AT A loss to explain why most youngsters are delaying marriage or altogether shunning the idea of a happy union, Iran’s government is taking action. In Hamedan province, a senior ayatollah recently warned unmarried public workers to find a spouse within a year or risk losing their jobs. A gentler approach, announced in January, is the launch of a matchmaker website which, the government hopes, could lead to as many as 100,000 marriages.
In any case, under-30s, who make up 55% of Iran’s population of 77m, seem far more interested in brief flings than marriage. Hence some 300 “immoral” Western-style dating websites have sprung up of late. Unable to close them all down, the state’s moral guardians have decided to turn matchmaker instead.As in Turkey, it is very unlikely that this latest attempt to get women back into their traditional roles will succeed.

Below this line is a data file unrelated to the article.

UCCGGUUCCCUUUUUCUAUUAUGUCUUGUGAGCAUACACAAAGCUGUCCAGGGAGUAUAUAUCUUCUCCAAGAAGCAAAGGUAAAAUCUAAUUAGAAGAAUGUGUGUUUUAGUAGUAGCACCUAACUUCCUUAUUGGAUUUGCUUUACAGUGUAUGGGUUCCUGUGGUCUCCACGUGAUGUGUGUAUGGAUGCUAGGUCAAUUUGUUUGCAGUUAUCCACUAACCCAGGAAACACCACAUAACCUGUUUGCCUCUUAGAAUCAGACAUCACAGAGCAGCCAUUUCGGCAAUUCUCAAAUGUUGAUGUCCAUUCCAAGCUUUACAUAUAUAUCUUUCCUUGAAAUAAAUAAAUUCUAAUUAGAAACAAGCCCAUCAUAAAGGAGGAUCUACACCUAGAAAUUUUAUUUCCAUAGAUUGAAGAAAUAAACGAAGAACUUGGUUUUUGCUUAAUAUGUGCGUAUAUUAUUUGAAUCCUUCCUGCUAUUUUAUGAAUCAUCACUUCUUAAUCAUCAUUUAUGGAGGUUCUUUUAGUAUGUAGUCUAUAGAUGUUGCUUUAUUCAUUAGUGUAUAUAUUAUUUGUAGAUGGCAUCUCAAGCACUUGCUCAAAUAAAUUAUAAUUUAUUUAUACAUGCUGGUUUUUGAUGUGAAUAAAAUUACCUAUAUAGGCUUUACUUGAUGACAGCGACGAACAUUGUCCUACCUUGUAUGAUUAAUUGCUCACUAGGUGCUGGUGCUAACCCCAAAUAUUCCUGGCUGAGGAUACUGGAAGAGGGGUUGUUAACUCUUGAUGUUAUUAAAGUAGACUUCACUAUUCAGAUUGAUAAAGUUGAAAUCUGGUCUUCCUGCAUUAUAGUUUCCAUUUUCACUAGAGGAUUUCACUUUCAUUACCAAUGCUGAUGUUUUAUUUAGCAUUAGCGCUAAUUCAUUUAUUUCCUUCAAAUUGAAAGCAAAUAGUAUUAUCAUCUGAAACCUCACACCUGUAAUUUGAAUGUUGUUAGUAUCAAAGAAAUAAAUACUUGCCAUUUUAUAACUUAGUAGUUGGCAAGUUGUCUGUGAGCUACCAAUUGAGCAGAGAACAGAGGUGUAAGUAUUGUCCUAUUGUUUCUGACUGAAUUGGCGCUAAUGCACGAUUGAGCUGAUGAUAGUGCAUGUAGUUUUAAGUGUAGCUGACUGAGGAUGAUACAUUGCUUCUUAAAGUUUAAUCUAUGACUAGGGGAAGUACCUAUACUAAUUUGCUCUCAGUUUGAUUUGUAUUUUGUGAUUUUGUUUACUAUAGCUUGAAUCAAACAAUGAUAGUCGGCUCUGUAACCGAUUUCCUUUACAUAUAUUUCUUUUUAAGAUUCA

For some, tying the knot has simply lost its appeal. Women make up more than 60% of university students and the better-educated no longer long to be wives first.As is always true, education changes the way the world works. This is what the Enlightenment has been about--it is what has led to low mortality, which is why we can have low fertility and still have growing populations. It is how women discover that they are not inferior to men, and it is hard to put that genie back in the bottle, no matter how hard Turkey and Iran may try.